Automated External Defibrillators (AEDs) have steadily made their way into schools, workplaces, hotels, malls, airports, athletics, churches and government settings. Despite this fast growing adoption of these easy-to-use life-saving devices, many have not given consideration to buying these due to several misperceptions about AEDs:
“We don’t need AEDs because we would simply call 911.” – In fact most Fire Departments and First Responders highly encourage public access defibrillation since they realize they often can’t arrive fast enough to save a life. Public Access defibrillation is a vital part of the “Chain of Survival.”
“We have a young workforce or population and cardiac arrest is not likely to occur here.” – Statistics prove that there are on average 1,000 deaths per day in the U.S. to sudden cardiac arrest and the number of younger individuals who fall victim to such an event are startling.
“We don’t have personnel who could operate a defibrillator.” – AEDs are designed with the lay rescuer in mind. Each manufacturer of Automated External Defibrillators have even made enhancement to their ease-of-use features to make the use simple and straight-forward for anyone.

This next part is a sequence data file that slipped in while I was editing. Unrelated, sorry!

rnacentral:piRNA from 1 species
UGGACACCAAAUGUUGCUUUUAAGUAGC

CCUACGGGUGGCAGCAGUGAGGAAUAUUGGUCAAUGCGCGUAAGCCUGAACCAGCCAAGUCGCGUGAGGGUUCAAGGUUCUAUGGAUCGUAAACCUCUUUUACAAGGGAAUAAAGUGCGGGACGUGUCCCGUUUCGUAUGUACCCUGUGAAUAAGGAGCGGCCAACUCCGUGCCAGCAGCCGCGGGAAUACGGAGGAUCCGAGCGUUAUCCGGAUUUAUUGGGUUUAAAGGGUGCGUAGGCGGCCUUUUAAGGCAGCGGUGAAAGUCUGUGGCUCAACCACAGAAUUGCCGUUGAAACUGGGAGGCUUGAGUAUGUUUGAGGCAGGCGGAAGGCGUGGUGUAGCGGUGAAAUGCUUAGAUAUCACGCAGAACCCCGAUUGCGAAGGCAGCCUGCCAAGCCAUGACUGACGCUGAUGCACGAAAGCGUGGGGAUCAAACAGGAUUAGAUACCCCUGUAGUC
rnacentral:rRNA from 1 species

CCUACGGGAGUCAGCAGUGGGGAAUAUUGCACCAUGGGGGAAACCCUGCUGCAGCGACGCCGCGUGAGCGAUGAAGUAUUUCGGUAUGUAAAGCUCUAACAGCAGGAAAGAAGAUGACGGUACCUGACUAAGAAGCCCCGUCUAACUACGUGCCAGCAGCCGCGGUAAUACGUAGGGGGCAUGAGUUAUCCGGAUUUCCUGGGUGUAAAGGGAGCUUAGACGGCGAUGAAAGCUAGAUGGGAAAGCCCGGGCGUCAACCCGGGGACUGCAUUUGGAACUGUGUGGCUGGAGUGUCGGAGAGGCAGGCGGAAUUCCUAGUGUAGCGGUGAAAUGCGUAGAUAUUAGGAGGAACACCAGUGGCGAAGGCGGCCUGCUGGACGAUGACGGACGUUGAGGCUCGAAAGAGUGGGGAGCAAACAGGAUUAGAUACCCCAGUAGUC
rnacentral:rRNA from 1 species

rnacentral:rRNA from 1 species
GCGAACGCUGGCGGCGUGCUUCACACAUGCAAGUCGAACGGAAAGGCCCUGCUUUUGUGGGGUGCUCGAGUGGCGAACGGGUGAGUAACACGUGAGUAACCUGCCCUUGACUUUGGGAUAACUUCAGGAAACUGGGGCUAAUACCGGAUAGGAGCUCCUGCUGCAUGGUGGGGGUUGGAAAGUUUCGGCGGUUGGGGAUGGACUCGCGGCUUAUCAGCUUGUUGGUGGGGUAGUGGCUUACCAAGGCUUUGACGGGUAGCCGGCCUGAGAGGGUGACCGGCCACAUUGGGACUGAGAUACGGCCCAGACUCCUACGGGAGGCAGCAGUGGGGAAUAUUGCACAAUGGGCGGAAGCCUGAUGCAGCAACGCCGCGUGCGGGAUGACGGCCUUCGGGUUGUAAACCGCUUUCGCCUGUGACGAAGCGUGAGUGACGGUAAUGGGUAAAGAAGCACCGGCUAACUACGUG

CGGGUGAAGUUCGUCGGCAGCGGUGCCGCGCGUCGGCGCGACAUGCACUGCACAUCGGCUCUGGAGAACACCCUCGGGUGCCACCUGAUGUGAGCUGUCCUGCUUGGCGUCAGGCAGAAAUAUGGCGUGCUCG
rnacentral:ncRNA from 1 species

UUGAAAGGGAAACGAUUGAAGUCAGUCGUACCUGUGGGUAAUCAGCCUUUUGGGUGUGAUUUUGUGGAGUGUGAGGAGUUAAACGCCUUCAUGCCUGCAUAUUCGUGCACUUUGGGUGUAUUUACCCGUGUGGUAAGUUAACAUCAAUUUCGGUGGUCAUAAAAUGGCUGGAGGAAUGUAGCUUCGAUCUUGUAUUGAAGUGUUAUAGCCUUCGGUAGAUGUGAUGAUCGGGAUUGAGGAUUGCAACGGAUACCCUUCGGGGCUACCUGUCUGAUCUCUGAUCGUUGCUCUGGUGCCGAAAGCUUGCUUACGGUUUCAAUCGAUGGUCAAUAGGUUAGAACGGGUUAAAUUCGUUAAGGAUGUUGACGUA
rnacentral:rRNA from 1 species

“We are worried that we’d make a mistake and harm someone.” – All AEDs are FDA-approved and once the electrode pads are placed on the chest they analyze the heart rhythm only delivering a shock if one is absolutely required.
“We don’t want the liability of having AEDs.” – Each State Good Samaritan Law includes the use of a defibrillator providing protection to the organization and the individual rescuer. The much larger risk based upon recent litigation is neglecting to protect lives with AEDs.
“We can’t afford AEDs.” – Once thousands of dollars each this was perhaps once a valid concern. However, in 2014 brand new AEDs can be purchased for $1200 – $1600 each. It can be argued that this is a very small price to protect the lives of your employees, customers, visitors, students, and more.
Perhaps one or more of the concerns outlined above caused your organization to not buy AEDs in the past. It may be a good time to revisit the topic and this is a wonderful discussion to bring to your safety meetings and to voice to management. Your investment in this technology could lead to lives being saved, perhaps even yours.